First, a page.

A waning drug war

Those among us who want to see an end to the war on drugs should not hold their breath, but there are some indications that the tide may be turning in the decades-long failure.

According to a June 10 AP story by David Klepper, “[M]arijuana policy is appearing on legislative agendas around the country thanks to an energized base of supporters and an increasingly open-minded public. Lawmakers from Rhode Island to Colorado are mulling medical marijuana programs, pot dispensaries, decriminalization and even legalization.”

To date, there are 17 states plus the District of Columbia that allow medical marijuana use, and according to the AP story, 14 states have reduced criminal penalties for possession of small amounts of the substance. According to Klepper, Rhode Island could become the 15th state to decriminalize pot possession.

“The state's General Assembly passed legislation last week that would eliminate the threat of big fines or even jail time for the possession of an ounce or less of pot… Gov. Lincoln Chafee has said he is inclined to sign the legislation.”

Klepper reported that similar measures have been introduced before, but they always died in committee. Not so this time. He wrote that some legislators want to go further.

State Rep. John Savage, a retired school principal, acknowledges that the war on drugs has failed and that pot should be legalized.

There are those who oppose any change, of course. Some honestly feel that legalization, even simple decriminalization, would be nothing more than making another intoxicant available to a society that already has too many. Yet, very few drug warriors say they want to re-introduce prohibition of alcohol.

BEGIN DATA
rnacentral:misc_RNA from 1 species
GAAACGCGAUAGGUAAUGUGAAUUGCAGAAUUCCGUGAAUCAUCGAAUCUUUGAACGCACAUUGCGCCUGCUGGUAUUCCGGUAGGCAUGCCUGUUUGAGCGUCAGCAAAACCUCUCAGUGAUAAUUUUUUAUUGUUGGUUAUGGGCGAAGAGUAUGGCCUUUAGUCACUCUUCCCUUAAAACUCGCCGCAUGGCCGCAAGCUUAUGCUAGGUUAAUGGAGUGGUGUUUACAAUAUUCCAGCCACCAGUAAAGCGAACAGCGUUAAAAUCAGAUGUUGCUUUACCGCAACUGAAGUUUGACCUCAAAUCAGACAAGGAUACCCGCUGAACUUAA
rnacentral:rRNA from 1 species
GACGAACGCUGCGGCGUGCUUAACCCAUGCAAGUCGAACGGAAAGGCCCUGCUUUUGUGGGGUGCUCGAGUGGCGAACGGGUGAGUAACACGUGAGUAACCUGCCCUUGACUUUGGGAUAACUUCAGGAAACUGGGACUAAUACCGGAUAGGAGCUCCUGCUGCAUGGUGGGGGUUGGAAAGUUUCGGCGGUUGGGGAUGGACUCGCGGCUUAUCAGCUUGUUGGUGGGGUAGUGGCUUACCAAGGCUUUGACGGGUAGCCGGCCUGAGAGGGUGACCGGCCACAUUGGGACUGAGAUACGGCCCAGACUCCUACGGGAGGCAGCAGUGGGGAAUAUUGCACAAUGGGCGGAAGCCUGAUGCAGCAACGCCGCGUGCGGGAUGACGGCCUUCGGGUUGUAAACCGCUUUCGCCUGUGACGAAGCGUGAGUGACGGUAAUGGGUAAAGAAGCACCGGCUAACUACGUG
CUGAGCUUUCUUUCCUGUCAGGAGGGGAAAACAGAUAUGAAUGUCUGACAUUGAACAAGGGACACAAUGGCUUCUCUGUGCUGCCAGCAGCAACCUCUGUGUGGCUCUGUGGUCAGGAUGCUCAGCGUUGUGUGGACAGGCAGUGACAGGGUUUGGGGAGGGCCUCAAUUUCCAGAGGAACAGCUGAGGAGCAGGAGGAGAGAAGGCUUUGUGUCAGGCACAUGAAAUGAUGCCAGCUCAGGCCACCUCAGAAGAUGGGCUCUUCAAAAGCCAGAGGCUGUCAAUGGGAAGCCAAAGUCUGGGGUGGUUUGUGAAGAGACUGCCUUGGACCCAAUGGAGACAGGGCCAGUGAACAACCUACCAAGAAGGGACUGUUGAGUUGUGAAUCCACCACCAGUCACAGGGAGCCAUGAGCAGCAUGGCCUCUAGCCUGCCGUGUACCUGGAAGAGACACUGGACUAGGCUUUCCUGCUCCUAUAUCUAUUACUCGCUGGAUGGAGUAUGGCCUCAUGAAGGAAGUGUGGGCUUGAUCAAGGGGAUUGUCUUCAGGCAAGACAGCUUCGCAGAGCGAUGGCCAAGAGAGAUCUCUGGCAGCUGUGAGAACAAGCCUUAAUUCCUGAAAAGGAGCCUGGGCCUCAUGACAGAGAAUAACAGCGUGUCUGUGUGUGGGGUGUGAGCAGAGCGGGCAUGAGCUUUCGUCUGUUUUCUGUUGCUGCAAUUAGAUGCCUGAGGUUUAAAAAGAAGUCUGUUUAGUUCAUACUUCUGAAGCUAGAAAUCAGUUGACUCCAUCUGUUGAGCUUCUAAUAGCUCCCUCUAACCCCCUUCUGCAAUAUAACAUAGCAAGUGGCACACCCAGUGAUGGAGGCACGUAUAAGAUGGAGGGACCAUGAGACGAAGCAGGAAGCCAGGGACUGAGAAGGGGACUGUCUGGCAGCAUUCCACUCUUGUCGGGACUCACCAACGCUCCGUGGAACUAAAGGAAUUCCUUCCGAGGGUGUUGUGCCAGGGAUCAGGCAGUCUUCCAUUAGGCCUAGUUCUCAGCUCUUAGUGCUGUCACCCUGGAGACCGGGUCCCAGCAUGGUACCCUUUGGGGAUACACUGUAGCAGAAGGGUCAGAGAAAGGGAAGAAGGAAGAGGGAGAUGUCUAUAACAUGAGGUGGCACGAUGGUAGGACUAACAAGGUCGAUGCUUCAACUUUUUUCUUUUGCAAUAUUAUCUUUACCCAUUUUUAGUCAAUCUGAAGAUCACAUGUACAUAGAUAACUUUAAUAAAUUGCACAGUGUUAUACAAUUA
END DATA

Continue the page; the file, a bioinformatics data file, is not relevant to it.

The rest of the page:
Some ask what kind of message would be sent to youth if pot or other drugs were made legal. But the real question is why does society allow the prevailing message of hypocrisy.

Joe Six Pack and Mary Marguerita are legally allowed to drink themselves into a stupor any night of the week. They can drink until the alcohol rots their brains or kills their livers. They can also smoke enough tobacco to shrivel their throats and lungs to charred dust. But if people want to toke on a joint or make a batch of pot brownies, they face trouble with the law, and all too often, jail time. The hypocrisy is unconscionable.

Just because other state legislatures are reconsidering marijuana laws is no reason for Pennsylvania to do so, but it is an indicator that legislators in those states are realizing that the drug war is a lost cause and wrong. We can only hope that Pennsylvania lawmakers will wake up to the same realizations.

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